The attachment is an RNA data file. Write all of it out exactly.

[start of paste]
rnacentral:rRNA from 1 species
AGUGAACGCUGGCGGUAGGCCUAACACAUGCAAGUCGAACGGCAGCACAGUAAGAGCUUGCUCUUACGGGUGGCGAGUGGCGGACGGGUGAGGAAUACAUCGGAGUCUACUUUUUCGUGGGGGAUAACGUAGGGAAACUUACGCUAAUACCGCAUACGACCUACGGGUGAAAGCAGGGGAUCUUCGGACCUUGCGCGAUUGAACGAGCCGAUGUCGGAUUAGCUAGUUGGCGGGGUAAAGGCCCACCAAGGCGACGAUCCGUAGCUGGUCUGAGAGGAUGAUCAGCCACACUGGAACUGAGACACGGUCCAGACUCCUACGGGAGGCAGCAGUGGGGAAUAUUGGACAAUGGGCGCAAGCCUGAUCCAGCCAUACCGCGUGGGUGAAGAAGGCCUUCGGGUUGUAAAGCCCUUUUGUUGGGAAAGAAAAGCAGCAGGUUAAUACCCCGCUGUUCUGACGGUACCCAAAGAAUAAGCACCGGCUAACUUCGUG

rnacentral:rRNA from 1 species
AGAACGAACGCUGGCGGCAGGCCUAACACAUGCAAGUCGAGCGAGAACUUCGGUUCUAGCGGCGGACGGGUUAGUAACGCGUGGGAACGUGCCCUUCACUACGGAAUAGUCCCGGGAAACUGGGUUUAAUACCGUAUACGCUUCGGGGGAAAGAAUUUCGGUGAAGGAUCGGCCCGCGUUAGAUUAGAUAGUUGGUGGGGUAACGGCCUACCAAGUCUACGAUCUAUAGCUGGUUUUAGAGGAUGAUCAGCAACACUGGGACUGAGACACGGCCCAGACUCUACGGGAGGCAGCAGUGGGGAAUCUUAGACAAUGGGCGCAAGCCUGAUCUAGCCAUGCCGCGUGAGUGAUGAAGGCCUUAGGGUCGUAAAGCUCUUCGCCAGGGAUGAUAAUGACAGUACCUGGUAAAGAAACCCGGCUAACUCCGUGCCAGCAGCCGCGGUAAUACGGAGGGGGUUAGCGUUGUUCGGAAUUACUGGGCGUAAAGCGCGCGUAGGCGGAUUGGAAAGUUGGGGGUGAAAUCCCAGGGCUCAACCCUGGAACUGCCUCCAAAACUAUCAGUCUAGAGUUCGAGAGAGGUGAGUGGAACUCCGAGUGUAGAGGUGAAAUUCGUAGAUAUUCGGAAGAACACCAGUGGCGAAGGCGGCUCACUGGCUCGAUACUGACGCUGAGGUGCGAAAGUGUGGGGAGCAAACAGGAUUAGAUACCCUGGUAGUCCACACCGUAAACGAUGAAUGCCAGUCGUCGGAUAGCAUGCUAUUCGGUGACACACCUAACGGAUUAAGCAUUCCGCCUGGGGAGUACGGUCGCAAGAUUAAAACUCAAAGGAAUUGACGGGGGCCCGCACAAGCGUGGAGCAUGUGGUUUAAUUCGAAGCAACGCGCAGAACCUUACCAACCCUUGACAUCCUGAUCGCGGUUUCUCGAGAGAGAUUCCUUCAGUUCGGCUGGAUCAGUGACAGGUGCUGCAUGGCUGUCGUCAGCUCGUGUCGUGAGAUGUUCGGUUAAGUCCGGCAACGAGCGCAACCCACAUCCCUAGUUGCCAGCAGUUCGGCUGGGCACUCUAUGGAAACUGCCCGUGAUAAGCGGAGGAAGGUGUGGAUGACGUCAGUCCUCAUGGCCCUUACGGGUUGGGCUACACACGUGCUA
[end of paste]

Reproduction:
rnacentral:rRNA from 1 species
AGUGAACGCUGGCGGUAGGCCUAACACAUGCAAGUCGAACGGCAGCACAGUAAGAGCUUGCUCUUACGGGUGGCGAGUGGCGGACGGGUGAGGAAUACAUCGGAGUCUACUUUUUCGUGGGGGAUAACGUAGGGAAACUUACGCUAAUACCGCAUACGACCUACGGGUGAAAGCAGGGGAUCUUCGGACCUUGCGCGAUUGAACGAGCCGAUGUCGGAUUAGCUAGUUGGCGGGGUAAAGGCCCACCAAGGCGACGAUCCGUAGCUGGUCUGAGAGGAUGAUCAGCCACACUGGAACUGAGACACGGUCCAGACUCCUACGGGAGGCAGCAGUGGGGAAUAUUGGACAAUGGGCGCAAGCCUGAUCCAGCCAUACCGCGUGGGUGAAGAAGGCCUUCGGGUUGUAAAGCCCUUUUGUUGGGAAAGAAAAGCAGCAGGUUAAUACCCCGCUGUUCUGACGGUACCCAAAGAAUAAGCACCGGCUAACUUCGUG

rnacentral:rRNA from 1 species
AGAACGAACGCUGGCGGCAGGCCUAACACAUGCAAGUCGAGCGAGAACUUCGGUUCUAGCGGCGGACGGGUUAGUAACGCGUGGGAACGUGCCCUUCACUACGGAAUAGUCCCGGGAAACUGGGUUUAAUACCGUAUACGCUUCGGGGGAAAGAAUUUCGGUGAAGGAUCGGCCCGCGUUAGAUUAGAUAGUUGGUGGGGUAACGGCCUACCAAGUCUACGAUCUAUAGCUGGUUUUAGAGGAUGAUCAGCAACACUGGGACUGAGACACGGCCCAGACUCUACGGGAGGCAGCAGUGGGGAAUCUUAGACAAUGGGCGCAAGCCUGAUCUAGCCAUGCCGCGUGAGUGAUGAAGGCCUUAGGGUCGUAAAGCUCUUCGCCAGGGAUGAUAAUGACAGUACCUGGUAAAGAAACCCGGCUAACUCCGUGCCAGCAGCCGCGGUAAUACGGAGGGGGUUAGCGUUGUUCGGAAUUACUGGGCGUAAAGCGCGCGUAGGCGGAUUGGAAAGUUGGGGGUGAAAUCCCAGGGCUCAACCCUGGAACUGCCUCCAAAACUAUCAGUCUAGAGUUCGAGAGAGGUGAGUGGAACUCCGAGUGUAGAGGUGAAAUUCGUAGAUAUUCGGAAGAACACCAGUGGCGAAGGCGGCUCACUGGCUCGAUACUGACGCUGAGGUGCGAAAGUGUGGGGAGCAAACAGGAUUAGAUACCCUGGUAGUCCACACCGUAAACGAUGAAUGCCAGUCGUCGGAUAGCAUGCUAUUCGGUGACACACCUAACGGAUUAAGCAUUCCGCCUGGGGAGUACGGUCGCAAGAUUAAAACUCAAAGGAAUUGACGGGGGCCCGCACAAGCGUGGAGCAUGUGGUUUAAUUCGAAGCAACGCGCAGAACCUUACCAACCCUUGACAUCCUGAUCGCGGUUUCUCGAGAGAGAUUCCUUCAGUUCGGCUGGAUCAGUGACAGGUGCUGCAUGGCUGUCGUCAGCUCGUGUCGUGAGAUGUUCGGUUAAGUCCGGCAACGAGCGCAACCCACAUCCCUAGUUGCCAGCAGUUCGGCUGGGCACUCUAUGGAAACUGCCCGUGAUAAGCGGAGGAAGGUGUGGAUGACGUCAGUCCUCAUGGCCCUUACGGGUUGGGCUACACACGUGCUA